Classifying emails as spam or not, recognizing the language of a text, knowing if a comment is good or bad (emotional analysis), identifying if a text was written or not by a specific person are only some daily examples in which techniques of Machine Learning have been used to solve text classification problems. In our news site, for example, the emotional analysis can be used to process our users’ comments and obtain implicit feedback, which can be used as input for the engine’s model which processes the recommendations.
Machine Learning techniques are also used in banking. In this area, these techniques deal with problems such as fraud detection, predicting customer churn and even the optimization of cash available in ATM’s.
Estimating the real value of a product on the market is another interesting application of Machine Learning. The problem here is predicting the value of the product due to its characteristics and taking into account the present and future contexts.
A specific example is the assessment of immovable property due to: location, years of construction, quantity of rooms, economic projections, etc. In its most simple way this could be set as a linear regression problem, but achieving highly efficient predictions could be more complex and, by far, more interesting to solve. So much so, that the popular platform Kaggle (recently included in Google Cloud) competes with “Zillow Prize: Zillow’s Home Value Prediction (Zestimate)” sponsored by Zillow Inc. In this, the data science community competes for a one million dollar prize for finding the ideal algorithms to improve the precision of the estimator Zestimate, and evolve its predictions for future sales prices in real estate. Would you try to do it?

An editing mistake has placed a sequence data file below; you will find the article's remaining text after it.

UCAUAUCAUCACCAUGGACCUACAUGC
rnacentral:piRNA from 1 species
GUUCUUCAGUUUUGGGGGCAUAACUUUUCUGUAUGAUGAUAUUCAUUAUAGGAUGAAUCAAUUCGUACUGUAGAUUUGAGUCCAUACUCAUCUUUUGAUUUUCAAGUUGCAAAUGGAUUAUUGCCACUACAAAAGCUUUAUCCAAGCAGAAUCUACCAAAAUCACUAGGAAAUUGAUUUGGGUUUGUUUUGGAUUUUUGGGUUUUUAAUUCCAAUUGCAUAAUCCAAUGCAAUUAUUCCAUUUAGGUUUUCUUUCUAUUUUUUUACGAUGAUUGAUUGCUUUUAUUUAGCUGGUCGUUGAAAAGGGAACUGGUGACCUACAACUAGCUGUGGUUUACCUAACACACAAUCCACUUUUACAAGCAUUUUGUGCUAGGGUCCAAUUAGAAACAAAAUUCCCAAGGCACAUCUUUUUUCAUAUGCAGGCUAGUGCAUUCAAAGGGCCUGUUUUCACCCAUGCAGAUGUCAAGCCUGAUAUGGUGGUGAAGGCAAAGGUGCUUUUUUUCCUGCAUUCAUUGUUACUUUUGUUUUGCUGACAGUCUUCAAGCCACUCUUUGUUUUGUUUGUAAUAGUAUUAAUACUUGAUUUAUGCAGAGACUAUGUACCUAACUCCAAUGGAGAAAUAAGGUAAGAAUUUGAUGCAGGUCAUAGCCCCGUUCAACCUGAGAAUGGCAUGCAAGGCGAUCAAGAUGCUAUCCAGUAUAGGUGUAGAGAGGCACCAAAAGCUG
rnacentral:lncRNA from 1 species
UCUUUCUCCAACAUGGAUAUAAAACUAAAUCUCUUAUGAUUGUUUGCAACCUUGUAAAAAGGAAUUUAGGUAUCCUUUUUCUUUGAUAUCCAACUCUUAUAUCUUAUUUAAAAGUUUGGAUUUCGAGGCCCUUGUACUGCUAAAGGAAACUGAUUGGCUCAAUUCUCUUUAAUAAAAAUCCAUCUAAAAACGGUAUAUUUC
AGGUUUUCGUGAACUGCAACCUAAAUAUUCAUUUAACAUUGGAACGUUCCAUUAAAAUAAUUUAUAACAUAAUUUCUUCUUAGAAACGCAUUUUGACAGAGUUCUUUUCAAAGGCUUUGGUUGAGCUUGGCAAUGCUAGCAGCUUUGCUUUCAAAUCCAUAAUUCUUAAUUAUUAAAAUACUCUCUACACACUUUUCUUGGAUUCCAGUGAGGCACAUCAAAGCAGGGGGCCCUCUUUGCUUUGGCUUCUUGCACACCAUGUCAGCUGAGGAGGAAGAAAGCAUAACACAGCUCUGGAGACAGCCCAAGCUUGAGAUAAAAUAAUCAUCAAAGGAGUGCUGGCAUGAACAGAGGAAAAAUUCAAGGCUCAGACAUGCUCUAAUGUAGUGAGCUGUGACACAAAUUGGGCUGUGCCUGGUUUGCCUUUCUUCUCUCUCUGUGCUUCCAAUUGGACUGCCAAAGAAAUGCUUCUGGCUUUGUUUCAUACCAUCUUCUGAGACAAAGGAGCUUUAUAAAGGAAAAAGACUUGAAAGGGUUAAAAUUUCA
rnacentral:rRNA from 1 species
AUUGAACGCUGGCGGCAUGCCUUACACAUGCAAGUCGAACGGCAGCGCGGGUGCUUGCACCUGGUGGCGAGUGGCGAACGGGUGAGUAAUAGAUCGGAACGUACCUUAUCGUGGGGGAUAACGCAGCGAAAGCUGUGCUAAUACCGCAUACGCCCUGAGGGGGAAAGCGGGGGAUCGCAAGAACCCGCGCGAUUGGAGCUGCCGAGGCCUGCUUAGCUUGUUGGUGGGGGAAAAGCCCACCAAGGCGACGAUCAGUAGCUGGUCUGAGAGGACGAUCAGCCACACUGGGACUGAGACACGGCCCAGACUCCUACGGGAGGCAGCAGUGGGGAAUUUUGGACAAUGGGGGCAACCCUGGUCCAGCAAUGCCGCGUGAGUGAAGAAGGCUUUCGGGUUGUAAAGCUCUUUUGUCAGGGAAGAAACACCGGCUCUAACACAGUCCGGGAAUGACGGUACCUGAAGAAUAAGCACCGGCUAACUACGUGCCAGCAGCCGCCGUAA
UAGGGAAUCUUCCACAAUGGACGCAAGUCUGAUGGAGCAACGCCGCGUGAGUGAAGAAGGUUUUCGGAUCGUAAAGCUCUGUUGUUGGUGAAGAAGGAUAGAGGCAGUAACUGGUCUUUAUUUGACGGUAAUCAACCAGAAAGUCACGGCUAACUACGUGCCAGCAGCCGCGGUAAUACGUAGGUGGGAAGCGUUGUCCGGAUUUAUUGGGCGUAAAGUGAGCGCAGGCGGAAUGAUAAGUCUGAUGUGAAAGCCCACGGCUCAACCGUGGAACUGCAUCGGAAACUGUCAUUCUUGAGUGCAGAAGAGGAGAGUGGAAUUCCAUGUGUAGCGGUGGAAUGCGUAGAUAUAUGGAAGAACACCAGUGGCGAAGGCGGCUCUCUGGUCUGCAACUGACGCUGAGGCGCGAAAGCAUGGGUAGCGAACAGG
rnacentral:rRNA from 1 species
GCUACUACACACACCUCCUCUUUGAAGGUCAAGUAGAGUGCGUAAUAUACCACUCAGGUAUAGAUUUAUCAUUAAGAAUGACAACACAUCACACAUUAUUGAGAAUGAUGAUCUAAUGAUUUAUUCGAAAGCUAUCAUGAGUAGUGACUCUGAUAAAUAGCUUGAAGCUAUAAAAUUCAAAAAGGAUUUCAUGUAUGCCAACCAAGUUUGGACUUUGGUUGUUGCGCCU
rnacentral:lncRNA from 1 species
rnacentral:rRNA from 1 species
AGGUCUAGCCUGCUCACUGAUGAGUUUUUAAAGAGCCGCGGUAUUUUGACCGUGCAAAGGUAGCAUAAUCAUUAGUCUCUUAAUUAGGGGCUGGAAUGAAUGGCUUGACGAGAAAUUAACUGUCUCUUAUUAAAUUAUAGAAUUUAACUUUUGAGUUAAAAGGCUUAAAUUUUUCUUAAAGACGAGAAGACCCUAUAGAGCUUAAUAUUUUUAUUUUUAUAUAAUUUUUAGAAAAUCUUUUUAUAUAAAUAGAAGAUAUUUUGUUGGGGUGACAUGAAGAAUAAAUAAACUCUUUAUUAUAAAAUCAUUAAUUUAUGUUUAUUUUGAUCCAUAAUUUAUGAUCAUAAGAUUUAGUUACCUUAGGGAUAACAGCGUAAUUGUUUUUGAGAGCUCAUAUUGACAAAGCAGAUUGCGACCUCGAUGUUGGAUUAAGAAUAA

You may or may not use it, but Snapchat is the perfect example of an app that leverages the use of facial recognition by creating filters that can alter the appearance of one’s face in real time, often with hilarious results. Because of Snapchat and other products, facial recognition or identification and image recognition is maybe one of the best known applications of deep learning. It is achieved by using a special type of artificial neuronal network (ANN), inspired by neuronal connections of the visual cortex known as Convolutional Neural Network (CNN).